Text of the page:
The Xbox One features an 8-core CPU, 8GB of system memory, and a 500GB hard drive, Microsoft’s Marc Whitten announced today. The console uses a single system-on-a-chip (SoC) using a 40 nanometer process combining the GPU, CPU, memory, and more onto a single chip.
For comparison, the Xbox 360 is powered by an IBM PowerPC tri-core processor running at 3.2 GHz and an ATI Xenos GPU running at 500 MHz. Those two discrete chips were originally built using a 90 nanometer process.
Other Xbox One specs include:
- USB 3.0
- 802.11n wireless with Wi-Fi Direct
- HDMI in/out
“Variable power states” ensure a “practically silent” operation, Whitten said. The console is engineered to last “well into the future,” an obvious reference to the company’s engineering struggles with the Xbox 360, typified by the so-called Red Ring of Death.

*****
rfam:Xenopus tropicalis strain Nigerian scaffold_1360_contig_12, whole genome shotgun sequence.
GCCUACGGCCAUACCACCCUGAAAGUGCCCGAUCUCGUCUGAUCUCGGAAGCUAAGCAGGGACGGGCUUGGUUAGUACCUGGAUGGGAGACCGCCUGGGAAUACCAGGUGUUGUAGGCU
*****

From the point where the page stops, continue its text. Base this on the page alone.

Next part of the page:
“A new 500-GB hard drive was designed in-house, likewise a custom-built Blu-ray-capable optical drive. A single 40-nanometer chip contains both the CPU and GPU rather than the two dedicated 90-nm chips needed in the 360,” . “In fact, a custom SOC (system on a chip) module made by AMD contains the CPU/GPU chip, the memory, the controller logic, the DRAM, and the audio processors, and connects directly to the heat sink via a phase-change interface material.”
“AMD is very excited to be working with Microsoft on their next-generation Xbox One,” Saeid Moshkelani from AMD’s Semi-Custom Business Unit said in a press release. “The Microsoft Xbox One leverages a single-chip, semi-custom AMD APU, with custom components co-developed with Microsoft designed to enable unique attributes of the system Microsoft is bringing to market.”